Change search
ReferencesLink to record
Permanent link

Direct link
Left ventricular strain and peak systolic velocity: responses to controlled changes in load and contractility, explored in a porcine model
Umeå University, Faculty of Medicine, Department of Surgical and Perioperative Sciences, Anaesthesiology.
Umeå University, Faculty of Medicine, Department of Public Health and Clinical Medicine, Cardiology.
Umeå University, Faculty of Medicine, Department of Surgical and Perioperative Sciences, Anaesthesiology.ORCID iD: 0000-0002-5325-2688
Anesthesiology, University of Brussels, Belgium.
Show others and affiliations
2012 (English)In: Cardiovascular Ultrasound, ISSN 1476-7120, Vol. 10, no 22Article in journal (Refereed) Published
Abstract [en]

BACKGROUND: Tissue velocity echocardiography is increasingly used to evaluate global and regional cardiac function. Previous studies have suggested that the quantitative measurements obtained during ejection are reliable indices of contractility, though their load-sensitivity has been studied in different settings, but still remains a matter of controversy. We sought to characterize the effects of acute load change (both preload and afterload) and change in inotropic state on peak systolic velocity and strain as a measure of LV contractility.

METHODS: Thirteen anesthetized juvenile pigs were studied, using direct measurement of left ventricular pressure and volume and transthoracic echocardiography. Transient inflation of a vena cava balloon catheter produced controlled load alterations. At least eight consecutive beats in the sequence were analyzed with tissue velocity echocardiography during the load alteration and analyzed for change in peak systolic velocities and strain during same contractile status with a controlled load alteration. Two pharmacological inotropic interventions were also included to generate several myocardial contractile conditions in each animal.

RESULTS: Peak systolic velocities reflected the drug-induced changes in contractility in both radial and longitudinal axis. During the acute load change, the peak systolic velocities remain stable when derived from signal in the longitudinal axis and from the radial axis. The peak systolic velocity parameter demonstrated no strong relation to either load or inotropic intervention, that is, it remained unchanged when load was systematically and progressively varied (peak systolic velocity, longitudinal axis, control group beat 1- 5.72 +/- 1.36 with beat 8- 6.49 +/- 1.28 cm/sec, 95% confidence interval), with the single exception of the negative inotropic intervention group where peak systolic velocity decreased a small amount during load reduction (beat 1- 3.98 +/- 0.92 with beat 8- 2.72 +/- 0.89 cm/sec). Systolic strain, however, showed a clear degree of load-dependence.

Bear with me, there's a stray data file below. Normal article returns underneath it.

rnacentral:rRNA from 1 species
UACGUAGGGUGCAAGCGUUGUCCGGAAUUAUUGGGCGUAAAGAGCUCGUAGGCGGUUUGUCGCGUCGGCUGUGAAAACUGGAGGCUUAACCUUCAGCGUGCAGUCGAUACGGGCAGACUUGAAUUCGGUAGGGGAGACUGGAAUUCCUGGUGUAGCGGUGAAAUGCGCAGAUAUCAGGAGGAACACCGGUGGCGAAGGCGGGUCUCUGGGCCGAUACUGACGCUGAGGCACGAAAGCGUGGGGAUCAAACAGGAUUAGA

CONCLUSIONS: Peak systolic velocity appears to be load-independent as tested by beat-to-beat load reduction, while peak systolic strain appears to be load-dependent in this model. Peak systolic velocity, in a controlled experimental model where successive beats during load alteration are assessed, has a strong relation to contractility. Peak systolic velocity, but not peak strain rate, is largely independent of load, in this model. More study is needed to confirm this finding in the clinical setting.

Place, publisher, year, edition, pages
2012. Vol. 10, no 22
Keyword [en]
Tissue velocities echocardiography; Ventricular function; Load
National Category
URN: urn:nbn:se:umu:diva-59415DOI: 10.1186/1476-7120-10-22ISBN: 1476-7120 (Electronic) 1476-7120 (Linking)OAI: diva2:552136

A'roch, Roman Gustafsson, Ulf Johansson, Goran Poelaert, Jan Haney, Michael Journal article Cardiovascular ultrasound Cardiovasc Ultrasound. 2012 May 28;10(1):22.

Available from: 2012-09-13 Created: 2012-09-13 Last updated: 2015-09-15Bibliographically approved

Open Access in DiVA

No full text

Other links

Publisher's full text

Search in DiVA

By author/editor
A'Roch, RomanGustafsson, UlfJohansson, GöranHaney, Michael
By organisation
In the same journal
Cardiovascular Ultrasound

Search outside of DiVA

GoogleGoogle Scholar
The number of downloads is the sum of all downloads of full texts. It may include eg previous versions that are now no longer available

Altmetric score

Total: 74 hits
ReferencesLink to record
Permanent link

Direct link